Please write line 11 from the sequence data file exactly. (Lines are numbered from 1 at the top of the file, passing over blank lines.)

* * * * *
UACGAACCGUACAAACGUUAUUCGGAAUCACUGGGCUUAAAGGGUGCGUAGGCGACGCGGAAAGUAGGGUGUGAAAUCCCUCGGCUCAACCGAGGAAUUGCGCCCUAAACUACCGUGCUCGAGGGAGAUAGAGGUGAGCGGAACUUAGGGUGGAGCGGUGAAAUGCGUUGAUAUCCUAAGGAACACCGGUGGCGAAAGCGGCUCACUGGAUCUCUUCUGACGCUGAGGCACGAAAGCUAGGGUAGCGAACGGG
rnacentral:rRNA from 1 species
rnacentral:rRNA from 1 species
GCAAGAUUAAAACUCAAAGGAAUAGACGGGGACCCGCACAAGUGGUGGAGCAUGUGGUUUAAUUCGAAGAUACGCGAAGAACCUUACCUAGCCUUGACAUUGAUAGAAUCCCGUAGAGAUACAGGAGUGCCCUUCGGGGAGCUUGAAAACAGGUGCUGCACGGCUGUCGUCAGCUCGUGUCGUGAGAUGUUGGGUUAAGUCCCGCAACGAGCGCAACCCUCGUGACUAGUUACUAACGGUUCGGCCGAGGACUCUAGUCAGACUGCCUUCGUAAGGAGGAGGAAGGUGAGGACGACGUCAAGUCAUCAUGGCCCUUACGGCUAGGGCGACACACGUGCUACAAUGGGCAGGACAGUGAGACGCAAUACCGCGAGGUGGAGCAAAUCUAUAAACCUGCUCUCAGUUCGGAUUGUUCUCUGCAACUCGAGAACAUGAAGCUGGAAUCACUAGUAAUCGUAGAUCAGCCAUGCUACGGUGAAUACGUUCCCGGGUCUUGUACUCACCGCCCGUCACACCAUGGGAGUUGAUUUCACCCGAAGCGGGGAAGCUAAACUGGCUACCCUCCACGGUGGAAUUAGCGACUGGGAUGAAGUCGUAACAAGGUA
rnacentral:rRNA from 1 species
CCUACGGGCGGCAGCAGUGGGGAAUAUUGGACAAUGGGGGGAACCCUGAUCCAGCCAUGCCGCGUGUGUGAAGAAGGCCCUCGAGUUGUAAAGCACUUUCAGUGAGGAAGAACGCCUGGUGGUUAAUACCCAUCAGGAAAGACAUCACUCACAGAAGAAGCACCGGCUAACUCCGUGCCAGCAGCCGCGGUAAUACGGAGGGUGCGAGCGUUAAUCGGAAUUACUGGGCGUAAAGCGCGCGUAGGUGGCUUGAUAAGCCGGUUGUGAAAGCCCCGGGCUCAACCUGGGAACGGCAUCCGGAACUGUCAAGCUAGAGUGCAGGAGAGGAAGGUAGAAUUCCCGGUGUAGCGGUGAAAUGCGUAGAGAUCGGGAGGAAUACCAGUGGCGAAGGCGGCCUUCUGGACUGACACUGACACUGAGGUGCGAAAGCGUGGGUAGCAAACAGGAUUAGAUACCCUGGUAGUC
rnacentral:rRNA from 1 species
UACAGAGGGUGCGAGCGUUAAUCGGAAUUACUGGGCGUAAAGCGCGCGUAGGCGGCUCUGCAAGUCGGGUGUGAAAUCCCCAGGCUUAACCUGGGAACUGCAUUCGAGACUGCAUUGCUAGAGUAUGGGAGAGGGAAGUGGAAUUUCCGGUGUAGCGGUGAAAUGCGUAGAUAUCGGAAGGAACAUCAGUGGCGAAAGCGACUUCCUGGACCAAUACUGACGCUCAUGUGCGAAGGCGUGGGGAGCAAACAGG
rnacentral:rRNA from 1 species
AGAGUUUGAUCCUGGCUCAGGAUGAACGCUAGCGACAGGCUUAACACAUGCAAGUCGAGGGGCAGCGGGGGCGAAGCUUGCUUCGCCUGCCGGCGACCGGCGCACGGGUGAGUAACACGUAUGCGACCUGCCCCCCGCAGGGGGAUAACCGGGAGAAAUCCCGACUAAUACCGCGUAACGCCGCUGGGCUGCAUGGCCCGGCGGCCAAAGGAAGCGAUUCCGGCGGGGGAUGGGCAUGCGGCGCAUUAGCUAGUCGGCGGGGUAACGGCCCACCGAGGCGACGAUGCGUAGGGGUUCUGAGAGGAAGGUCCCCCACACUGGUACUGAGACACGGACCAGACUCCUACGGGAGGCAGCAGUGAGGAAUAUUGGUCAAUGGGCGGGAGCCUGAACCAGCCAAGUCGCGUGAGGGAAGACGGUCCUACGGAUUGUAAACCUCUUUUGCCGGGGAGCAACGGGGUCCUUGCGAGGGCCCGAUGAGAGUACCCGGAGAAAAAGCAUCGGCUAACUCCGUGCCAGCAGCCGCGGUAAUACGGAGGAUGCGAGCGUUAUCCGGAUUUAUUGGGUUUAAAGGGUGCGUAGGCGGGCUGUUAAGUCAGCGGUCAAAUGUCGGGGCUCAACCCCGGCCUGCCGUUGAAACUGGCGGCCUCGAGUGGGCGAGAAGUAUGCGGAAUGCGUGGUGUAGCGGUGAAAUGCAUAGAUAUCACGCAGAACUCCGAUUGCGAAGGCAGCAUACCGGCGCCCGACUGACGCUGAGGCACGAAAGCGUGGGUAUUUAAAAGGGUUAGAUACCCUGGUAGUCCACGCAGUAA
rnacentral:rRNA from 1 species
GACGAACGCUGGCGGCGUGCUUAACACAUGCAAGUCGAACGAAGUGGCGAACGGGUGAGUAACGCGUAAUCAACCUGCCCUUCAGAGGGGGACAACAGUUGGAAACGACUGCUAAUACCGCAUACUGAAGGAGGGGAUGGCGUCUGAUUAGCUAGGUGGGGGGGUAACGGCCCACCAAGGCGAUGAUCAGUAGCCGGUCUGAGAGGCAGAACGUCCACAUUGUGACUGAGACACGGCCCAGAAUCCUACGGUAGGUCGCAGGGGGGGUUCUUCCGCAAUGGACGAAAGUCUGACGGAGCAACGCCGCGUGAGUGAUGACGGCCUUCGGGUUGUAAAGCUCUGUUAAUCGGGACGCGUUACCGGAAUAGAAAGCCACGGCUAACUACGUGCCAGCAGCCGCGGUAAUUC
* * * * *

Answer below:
rnacentral:rRNA from 1 species